Process & Progress: The Role of Parents in Therapy

luis-quintero-1209369-unsplashSeeking therapy for a child can be a difficult step for parents. While some parents try to reach out to establish a therapist for their child in a proactive manner (i.e. impending divorce, family member with a terminal illness, etc), some parents reach out in a reactionary manner (i.e. behavior at home or school is adversely affecting more than the child, a traumatic event, etc). We’re not here to state which approach is better because we applaud any family decision to seek support for a child or children. Its the role of the parent and how they can support the therapeutic process that we want to focus on.

Its really important to understand that simply bringing a child to therapy sessions may not automatically resolve whatever issue is the focus. There is no “fixing” children here (or their families for that matter). Helping the child recognize and develop an awareness of behaviors and emotional responses is usually the starting point. This also extends to parents, so they can reflect on how their parenting style or approach as well as other factors, can impact the child or children. Then developing and practicing coping strategies, for all, can take place. Depending on the circumstances or the age of the child, the therapist may actually work more directly with the parental unit than the child. If its a case where the therapist is working more directly with the child; however, the role of the parent is still very critical.

Parents and their child or children in therapy are working as a team. The child and their family are the ones who must do the real work involved. Parents are also key players in reinforcing the skills and strategies to be practiced within the home environment. If this doesn’t take place, progress can halt and remain stagnant, or it may not happen at all. Because of this, its not unusual for parents to pull back or even stop bringing their child to therapy. They may perceive that it isn’t helpful without connecting their roles or responsibilities as a factor.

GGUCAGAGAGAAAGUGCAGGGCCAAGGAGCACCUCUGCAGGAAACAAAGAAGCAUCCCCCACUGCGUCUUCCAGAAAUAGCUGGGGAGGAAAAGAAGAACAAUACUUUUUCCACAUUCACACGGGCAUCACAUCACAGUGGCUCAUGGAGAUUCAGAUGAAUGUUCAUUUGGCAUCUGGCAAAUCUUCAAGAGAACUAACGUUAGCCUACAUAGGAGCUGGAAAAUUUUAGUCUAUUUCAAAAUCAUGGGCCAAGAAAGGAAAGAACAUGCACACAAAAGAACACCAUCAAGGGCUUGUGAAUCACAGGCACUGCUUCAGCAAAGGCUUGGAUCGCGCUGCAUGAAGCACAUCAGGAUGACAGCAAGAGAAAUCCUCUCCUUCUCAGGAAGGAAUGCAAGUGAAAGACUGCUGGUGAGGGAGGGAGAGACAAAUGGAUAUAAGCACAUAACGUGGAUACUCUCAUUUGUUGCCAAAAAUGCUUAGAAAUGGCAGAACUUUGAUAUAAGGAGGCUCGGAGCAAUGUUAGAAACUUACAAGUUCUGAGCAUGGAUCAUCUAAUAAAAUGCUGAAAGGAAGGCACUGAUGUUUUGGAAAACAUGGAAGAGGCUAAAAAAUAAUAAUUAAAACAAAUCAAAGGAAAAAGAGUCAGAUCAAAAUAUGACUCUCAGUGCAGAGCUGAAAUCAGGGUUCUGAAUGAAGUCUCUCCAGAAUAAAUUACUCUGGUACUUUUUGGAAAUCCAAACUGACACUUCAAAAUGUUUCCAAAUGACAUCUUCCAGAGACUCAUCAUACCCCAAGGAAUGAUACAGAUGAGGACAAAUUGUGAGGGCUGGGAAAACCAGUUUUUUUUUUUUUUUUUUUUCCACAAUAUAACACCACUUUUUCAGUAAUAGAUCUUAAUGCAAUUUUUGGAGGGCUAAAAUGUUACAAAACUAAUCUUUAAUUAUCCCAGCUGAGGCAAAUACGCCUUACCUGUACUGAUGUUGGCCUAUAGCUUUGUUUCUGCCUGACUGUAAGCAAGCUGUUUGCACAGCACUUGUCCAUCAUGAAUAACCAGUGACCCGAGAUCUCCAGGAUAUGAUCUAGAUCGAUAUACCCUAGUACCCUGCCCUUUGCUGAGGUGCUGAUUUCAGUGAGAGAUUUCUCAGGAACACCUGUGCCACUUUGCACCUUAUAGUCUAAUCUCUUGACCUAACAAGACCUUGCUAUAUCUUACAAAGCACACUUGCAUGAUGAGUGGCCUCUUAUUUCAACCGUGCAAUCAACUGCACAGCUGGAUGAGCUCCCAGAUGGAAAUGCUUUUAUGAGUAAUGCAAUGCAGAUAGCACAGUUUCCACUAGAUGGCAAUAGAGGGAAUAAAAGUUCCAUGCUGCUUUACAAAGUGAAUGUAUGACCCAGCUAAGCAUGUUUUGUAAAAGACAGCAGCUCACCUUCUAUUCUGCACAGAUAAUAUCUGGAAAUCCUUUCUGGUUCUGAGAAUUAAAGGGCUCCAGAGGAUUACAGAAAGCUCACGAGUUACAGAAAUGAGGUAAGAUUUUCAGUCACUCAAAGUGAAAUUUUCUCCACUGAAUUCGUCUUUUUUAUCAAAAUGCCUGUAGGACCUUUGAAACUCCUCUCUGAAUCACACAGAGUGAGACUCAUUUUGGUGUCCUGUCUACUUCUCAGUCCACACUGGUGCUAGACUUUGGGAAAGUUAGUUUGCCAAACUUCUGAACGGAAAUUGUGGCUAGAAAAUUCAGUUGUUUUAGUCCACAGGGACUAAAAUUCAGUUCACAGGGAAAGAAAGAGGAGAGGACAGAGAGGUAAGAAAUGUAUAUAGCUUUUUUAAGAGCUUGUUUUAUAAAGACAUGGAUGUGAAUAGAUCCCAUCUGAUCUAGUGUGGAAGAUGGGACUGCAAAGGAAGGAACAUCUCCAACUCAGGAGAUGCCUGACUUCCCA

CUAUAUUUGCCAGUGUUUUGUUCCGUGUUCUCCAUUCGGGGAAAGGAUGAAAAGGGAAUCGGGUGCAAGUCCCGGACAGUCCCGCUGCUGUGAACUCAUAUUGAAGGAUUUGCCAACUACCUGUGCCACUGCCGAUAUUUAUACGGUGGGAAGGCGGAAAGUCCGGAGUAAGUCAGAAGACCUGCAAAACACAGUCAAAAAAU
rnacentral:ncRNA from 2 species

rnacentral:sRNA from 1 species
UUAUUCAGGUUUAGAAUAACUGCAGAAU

There are many reasons parents may not engage and become active participants within their child’s therapeutic process. Parents are so incredibly stressed and stretched thin today. Most are focused on getting through each day, so asking them to create a new routine or to change their approach feels impossible and this leads to frustration. Some parents may not agree with the therapist’s assessment. This may make them less likely to want to try a new approach or reinforce what’s already being done in session.  In some cases, parents may simply be unwilling to change their approach. Therapy is definitely not the easy way out. There is real work involved, but there are also a variety of ways parents can support this process for their child or children.

  • Express any reservation to the therapist. If parents don’t agree with what is being said, communicate this. This will not only help the therapist see the other perspective, but it can also help shape a goal or plan that parents will agree with. It will at the very least give everyone a starting point and something to process.
  • Try to remain positive about this experience. This is often an unfamiliar process, so maintaining a positive outlook will not only help parents feel hopeful, it will also help the child feel confident about going as well.
  • Try to keep the child’s day to day schedule the same. Engagement in the process can be draining and stressful at first, not to mention a significant change for everyone. Keeping the routine as structured and predictable as possible can help ease the transition.
  • Try to avoid pushing negative behaviors on to the therapy session only. Making statements like “make sure you tell him/her what happened at school today/at home last/etc” can send the message that parents aren’t interested in helping the child problem solve; that this issue or behavior is theirs and theirs alone to work out. The reality is a child’s behavior or set of behaviors are serving some kind of function for the child, which is not likely happening in isolation. Everyone is affected in some way or another.
  • Support and reinforce the coping strategies the child is tasked to practice. Using the same language when possible can also be helpful for skill generalization to the home environment. If parents don’t think a strategy will work or don’t find any value in a certain strategy, try to avoid communicating this to the child.
  • Communicate anything that isn’t clear. If parents are confused or not confident in changing an approach or changing how they phrase things, say so. The therapist can model and walk parents through how the change should look.

One final thing to consider is if the therapist is checking in with parents. This can look very different depending on the age of the child, the presenting issue, and goals set. Maybe the therapist is checking in every 6 sessions. Maybe its every single session. Maybe there is a separate parental session scheduled every 3 months. Whatever interval is set, the therapist should be checking in on how things are going. This helps gauge the engagement of the parents, but also to know which strategies are working and which ones are not.

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